Friday, December 17, 2004

on globalization

a recent news item from the bbc reports that millions of textile jobs will be lost in some of the poorer countries of the world, such as bangladesh, as the world trade organization (WTO) ends the multi-fibre agreement on the 31st of december. a broad description of this agreement is on the bbc link.

this loss of millions of jobs in countries such a bangladesh underscores a point made by other authors concerning globalization: that without any adequate international body out there that will help guide and temper harsh market and economic forces, weaker countries without any influence and a strong voice in the global theatre, will continue to experience adverse effects of economic globalization. these countries could be "left out of the table" and will continue to be marginalized as the drive for greater profits and revenue take precedence over the welfare of workers and laborers in developing countries.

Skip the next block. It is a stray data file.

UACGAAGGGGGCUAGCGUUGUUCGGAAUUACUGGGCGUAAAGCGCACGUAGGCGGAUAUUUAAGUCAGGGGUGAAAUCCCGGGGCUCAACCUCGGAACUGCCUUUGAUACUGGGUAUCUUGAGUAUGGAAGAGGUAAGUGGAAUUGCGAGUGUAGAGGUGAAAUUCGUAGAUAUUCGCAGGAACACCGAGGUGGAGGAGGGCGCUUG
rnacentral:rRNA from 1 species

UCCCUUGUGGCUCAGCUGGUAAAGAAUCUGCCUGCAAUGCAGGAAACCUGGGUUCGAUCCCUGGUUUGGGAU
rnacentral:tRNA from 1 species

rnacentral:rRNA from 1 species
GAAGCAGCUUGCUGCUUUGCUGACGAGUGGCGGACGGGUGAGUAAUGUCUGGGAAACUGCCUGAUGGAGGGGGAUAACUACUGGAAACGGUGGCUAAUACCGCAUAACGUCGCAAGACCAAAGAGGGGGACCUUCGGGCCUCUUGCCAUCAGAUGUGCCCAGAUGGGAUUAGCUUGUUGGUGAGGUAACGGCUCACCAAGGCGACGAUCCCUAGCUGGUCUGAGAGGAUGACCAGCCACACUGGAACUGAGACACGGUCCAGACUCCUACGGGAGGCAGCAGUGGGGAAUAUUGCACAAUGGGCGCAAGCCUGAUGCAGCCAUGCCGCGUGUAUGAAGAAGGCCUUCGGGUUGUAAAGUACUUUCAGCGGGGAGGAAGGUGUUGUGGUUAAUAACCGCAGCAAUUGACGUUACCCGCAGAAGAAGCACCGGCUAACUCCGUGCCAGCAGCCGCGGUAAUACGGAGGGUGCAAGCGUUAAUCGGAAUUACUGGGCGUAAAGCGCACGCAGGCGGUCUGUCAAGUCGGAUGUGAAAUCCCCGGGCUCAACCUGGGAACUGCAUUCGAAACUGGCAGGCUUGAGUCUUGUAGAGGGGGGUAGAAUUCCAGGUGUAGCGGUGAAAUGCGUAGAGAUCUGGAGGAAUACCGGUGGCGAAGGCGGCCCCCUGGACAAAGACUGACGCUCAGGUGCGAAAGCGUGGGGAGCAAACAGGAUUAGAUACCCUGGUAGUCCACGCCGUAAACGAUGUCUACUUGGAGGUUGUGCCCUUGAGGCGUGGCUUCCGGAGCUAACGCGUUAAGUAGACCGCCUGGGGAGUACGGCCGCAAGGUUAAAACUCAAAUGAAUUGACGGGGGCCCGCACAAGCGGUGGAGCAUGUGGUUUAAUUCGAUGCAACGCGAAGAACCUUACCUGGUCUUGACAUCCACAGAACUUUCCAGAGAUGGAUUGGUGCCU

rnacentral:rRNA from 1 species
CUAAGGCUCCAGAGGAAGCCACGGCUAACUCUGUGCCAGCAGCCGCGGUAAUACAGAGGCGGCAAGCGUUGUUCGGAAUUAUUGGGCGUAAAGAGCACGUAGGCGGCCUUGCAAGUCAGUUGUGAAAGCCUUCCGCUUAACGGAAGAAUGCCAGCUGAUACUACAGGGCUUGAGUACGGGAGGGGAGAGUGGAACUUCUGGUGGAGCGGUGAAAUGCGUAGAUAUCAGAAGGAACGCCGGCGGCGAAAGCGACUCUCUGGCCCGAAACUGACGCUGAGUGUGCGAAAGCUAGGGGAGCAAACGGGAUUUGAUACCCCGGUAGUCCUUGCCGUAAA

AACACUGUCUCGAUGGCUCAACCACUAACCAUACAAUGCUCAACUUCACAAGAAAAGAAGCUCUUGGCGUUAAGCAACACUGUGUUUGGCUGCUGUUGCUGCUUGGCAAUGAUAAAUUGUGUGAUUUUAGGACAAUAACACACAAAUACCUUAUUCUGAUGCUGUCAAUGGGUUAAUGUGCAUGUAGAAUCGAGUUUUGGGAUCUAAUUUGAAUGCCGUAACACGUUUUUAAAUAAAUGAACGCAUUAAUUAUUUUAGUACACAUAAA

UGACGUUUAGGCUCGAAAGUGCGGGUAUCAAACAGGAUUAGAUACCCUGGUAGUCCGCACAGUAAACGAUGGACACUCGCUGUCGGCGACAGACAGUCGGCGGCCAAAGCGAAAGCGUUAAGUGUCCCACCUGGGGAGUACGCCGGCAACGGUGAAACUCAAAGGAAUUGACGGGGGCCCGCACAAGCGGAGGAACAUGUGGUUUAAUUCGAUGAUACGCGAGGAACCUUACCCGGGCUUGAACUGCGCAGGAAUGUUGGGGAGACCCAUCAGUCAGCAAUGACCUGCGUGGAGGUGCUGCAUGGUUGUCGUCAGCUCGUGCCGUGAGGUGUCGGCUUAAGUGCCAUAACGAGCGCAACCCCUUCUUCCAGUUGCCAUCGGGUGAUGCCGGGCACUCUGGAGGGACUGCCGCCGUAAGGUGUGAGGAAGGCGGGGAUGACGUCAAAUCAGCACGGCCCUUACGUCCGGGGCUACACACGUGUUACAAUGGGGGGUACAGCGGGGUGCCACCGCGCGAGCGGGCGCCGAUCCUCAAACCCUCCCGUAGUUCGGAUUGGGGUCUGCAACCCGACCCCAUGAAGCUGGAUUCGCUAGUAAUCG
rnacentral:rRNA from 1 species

the issue of globalization is not unfamiliar to the catholic church. the present pope has spoken about this on various occasion, such as at a speech to the pontifical academy of social sciences on may 2003 and a message to business executives on march 2004. on these occasions, and most notably in his encyclical centesimus annus (may 1991), john paul II has always voiced the need that global agencies "give sufficient consideration to peoples and countries which have little weight in the international market, but which are burdened by the most acute and desperate needs, and are thus more dependent on support for their development" (from centesimus annus, #58): on the road to greater and greater international integration, one must still exhibit a preferential option for the poor.

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